Have you ever been in a situation where you were nervous or excited and had the sensation of “butterflies” in your stomach?
Over time, those sensations we experience during times of anxiety become “gut instincts”.
When faced with a decision, as out brains process the situation we can actually feel subconscious anxiety just like we do when we are aware of what is causing us worry or excitement. Some people chalk this sensation up to intuition, but in reality the source is our vagus nerve, and the science behind this phenomenon is fascinating.
What is the Vagus Nerve?
The vagus nerve starts off as a two thick streams of nerves originating in the cerebellum, that then branch off to touch most major organs including the heart, stomach, and digestive organs. “Vagus” in latin means “wandering”, which is exactly what the vagus nerve does. It’s primary focus is to send information back to the brain from the organs, and for the brain to send signals to control things like digestion, heart rate, and other critical bodily functions. The vagus nerve’s network is so extensive, and controls so many functions in the body that it is often referred to as our “second brain”.
Feeling with Our Gut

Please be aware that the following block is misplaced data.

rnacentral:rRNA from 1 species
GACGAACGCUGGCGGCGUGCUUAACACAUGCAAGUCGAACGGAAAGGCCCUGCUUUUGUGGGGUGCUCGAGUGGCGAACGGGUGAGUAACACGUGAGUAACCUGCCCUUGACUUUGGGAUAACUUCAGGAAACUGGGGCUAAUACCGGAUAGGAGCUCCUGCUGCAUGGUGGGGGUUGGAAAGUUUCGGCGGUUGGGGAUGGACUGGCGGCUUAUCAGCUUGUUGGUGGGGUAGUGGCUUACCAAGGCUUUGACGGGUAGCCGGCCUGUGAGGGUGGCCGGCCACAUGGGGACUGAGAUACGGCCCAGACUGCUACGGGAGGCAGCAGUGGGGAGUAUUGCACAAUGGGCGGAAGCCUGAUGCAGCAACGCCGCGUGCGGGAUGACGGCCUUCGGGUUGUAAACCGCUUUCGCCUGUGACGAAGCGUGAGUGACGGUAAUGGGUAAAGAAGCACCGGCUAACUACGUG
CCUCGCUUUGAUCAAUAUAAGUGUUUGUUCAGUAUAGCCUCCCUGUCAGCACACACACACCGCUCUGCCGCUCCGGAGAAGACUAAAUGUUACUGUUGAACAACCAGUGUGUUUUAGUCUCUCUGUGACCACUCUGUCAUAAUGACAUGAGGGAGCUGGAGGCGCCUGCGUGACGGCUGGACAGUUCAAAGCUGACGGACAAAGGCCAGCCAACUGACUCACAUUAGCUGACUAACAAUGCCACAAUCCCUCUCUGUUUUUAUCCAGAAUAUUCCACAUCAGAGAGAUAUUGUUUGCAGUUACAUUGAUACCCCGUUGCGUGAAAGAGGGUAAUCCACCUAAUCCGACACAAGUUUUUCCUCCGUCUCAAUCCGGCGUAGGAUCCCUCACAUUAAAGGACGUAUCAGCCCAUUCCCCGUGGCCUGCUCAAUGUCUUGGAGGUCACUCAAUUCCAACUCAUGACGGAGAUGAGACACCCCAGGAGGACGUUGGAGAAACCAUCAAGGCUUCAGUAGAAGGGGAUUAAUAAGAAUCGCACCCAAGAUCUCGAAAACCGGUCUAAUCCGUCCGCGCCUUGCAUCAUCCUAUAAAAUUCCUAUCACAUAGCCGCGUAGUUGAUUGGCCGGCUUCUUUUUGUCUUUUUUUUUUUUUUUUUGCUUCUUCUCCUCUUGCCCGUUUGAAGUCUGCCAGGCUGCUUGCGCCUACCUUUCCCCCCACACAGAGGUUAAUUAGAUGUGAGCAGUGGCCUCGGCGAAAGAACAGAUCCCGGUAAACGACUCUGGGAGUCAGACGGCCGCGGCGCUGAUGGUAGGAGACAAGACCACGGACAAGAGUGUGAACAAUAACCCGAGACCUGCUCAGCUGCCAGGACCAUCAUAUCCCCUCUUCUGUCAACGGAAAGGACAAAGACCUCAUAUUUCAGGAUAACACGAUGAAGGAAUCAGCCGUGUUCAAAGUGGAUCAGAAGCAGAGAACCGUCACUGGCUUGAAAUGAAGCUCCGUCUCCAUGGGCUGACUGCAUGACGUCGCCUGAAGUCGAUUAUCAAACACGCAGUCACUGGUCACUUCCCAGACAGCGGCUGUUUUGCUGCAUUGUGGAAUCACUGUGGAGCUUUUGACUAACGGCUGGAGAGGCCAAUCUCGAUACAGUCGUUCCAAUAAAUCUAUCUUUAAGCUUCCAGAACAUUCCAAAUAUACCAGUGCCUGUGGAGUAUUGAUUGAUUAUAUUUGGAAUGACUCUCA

Because the information from the vagus nerve works both ways, fear, anxiety, and excitement can have a physical manifestation in our bodies like a stomach ache or that “butterflies” sensation. The vagus nerve is actually what is responsible for making people faint by dropping heart rate and blood pressure in response to fright or excitement. So what happens over time is that when our bodies are subjected to stressors that cause that physical response in our guts, our “second brains” become conditioned to that response. Example: let’s say you are standing to look down a dark alley and you get a tightening sensation in your stomach. It’s not that there is actually anything to be afraid of, but because the potential for danger exists, your body reacts just like it was really in danger.
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Unlearning Fear via Vagus Stimulation
Recent research done is Zurich, Switzerland is using rats to determine if conditioned fear can be “unlearned” by disrupting the vagus connection between the gut and brain. What they found was that rats without a fully functioning vagus connection showed less inane fear at things like open spaces or bright lights, but held on to learned fears much longer than rats who had a fully functional vagus connection. The importance of these findings is that researchers can attribute lingering fear responses like the ones associated with disorders like PTSD to an impaired vagus connection. The hope is that my stimulating the vagus connection, the body’s responses to conditioned fears can be “unlearned”.
Urs Meyers, the author of the study “Gut Vagal Afferents Differentially Modulate Innate Anxiety and Learned Fear”, says in his conclusion: “We were able to show for the first time that the selective interruption of the signal path from the stomach to the brain changed complex behavioral patterns. This has traditionally been attributed to the brain alone. The study shows clearly that the stomach also has a say in how we respond to fear; however, what it says, i.e. precisely what it signals, is not yet clear.”